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They kill with the ease that others breathe. You could sense it, almost smell it, off the television coverage.

Nobody watching TV last Friday evening came away with any sense of comfort, of there being anything good or benign to take away from the coverage. The search for some good news, which TV news does instinctively, was useless. No tale of a lucky escape, no news of an attacker foiled, was going to diminish the impact of the overwhelming sense of despair. They kill with the ease that others breathe.

Always on such horrific occasions, there is widespread frustration with TV coverage. We are drawn to it, always, and always, viewers complain. CNN was full of itself and floundering, some said. The BBC coverage was better, more balanced and less hysterical. CBC News Network wasn't up to it. Some people searched and found France 24, the English-language French public broadcaster, on cable services or online. They recommended it online.

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Such frustrations and criticisms of TV news are understandable. No broadcaster can prepare for an outbreak of horrific violence. Criticizing and complaining is a waste of time and effort. Each broadcaster, big and small, is struggling to find a narrative, a structure to events. And all of us, viewers everywhere, create our own narrative.

Language is beggared by the images. All the blather doesn't matter. Pundits taking positions, using the occasion to prop up some partisan point, are redundant. Television has to fill airtime; it declines to rely only on images and spare, elemental reporting. There are times when that approach works. During the invasion of Iraq in 2003, BBC World News would preface its hourly news with footage aired without words. It was enormously powerful. No words that journalists could utter could match the impact. Situations of chaos and horror flush out the good, the bad and the stupid in TV coverage.

But elevating one channel's coverage over another is a waste of time. It's up to us to forge our own chronicle, to bring our sense of humanity and, eventually, common sense to the circumstance. It takes time to digest horrific events, and we should allow ourselves that, rather than expect television to mould a sinister saga into something easily graspable.

Some people are more familiar with proximity to abominable violence than others. That will help shape their narrative and sense of how to move forward. On Friday afternoon, I was in a bar watching a soccer game from Europe with a friend, and colleague Cathal Kelly was there for part of it. It was a playoff qualifier for next year's Euro 2016 tournament. When the match ended and we called for the bill, the server brought it and said, "Do you guys know about what's happening in Paris?" We didn't. He switched the TV channel to an all-news station.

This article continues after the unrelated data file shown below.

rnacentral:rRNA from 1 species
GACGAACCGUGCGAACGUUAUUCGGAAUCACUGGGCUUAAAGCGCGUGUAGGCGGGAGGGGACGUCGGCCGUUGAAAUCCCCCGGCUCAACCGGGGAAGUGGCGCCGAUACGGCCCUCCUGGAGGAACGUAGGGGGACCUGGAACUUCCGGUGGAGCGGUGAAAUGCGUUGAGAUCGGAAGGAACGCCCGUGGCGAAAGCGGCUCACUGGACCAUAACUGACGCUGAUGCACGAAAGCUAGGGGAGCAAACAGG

I had that old, familiar feeling. Of rage, not despair. I grew up in Ireland when the threat of murderous violence spilling over from Northern Ireland was constant. I remember the car bombings in Dublin, done by one side or the other. The Friday afternoon bombings in May, 1974, that killed dozens. People going home from work, doing some shopping or getting a haircut. Blown apart. Hundreds injured. The smell of cordite and the burnt-out wreckage hung over the city for days.

You could despair. You could be afraid. I watched the news about the suicide bombers outside the stadium last Friday, where France was playing Germany in a friendly, exhibition game. Me, I've covered soccer from 17 countries on four continents and never felt afraid. The hooligans never materialized, the protests that happened were peaceful. Now this heinous development.

My narrative is anchored in rage. That rage isn't directed at Muslims or refugees. I understand that many people now fear the arrival of Syrian refugees in Canada. As I'm writing this, the TV news is telling me that multiple U.S. states are refusing to allow Syrian refugees to relocate to their territory. And CBC NN is telling me that Saskatchewan Premier Brad Wall is calling on the new government to suspend its Syrian refugee plan. Right. Well, what's the alternative? Put them in refugee camps where the young men can be turned into budding terrorists?

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Wall has created his own narrative. We all do. And then, sometimes, television helps shape yours. More by airing unfiltered emotion than covering the news. Thus it was for me and many others when John Oliver opened his show on HBO with a rant. "As of now, we know this attack was carried out by gigantic f---ing assholes; unconscionable, flaming assholes; possibly working with other f---ing assholes; definitely working in service of an ideology of pure assholery," Oliver said.

That's an acceptable narrative, to me. Now you use your humanity and common sense on yours. TV can't do it for you. It can help, but it's up to you.

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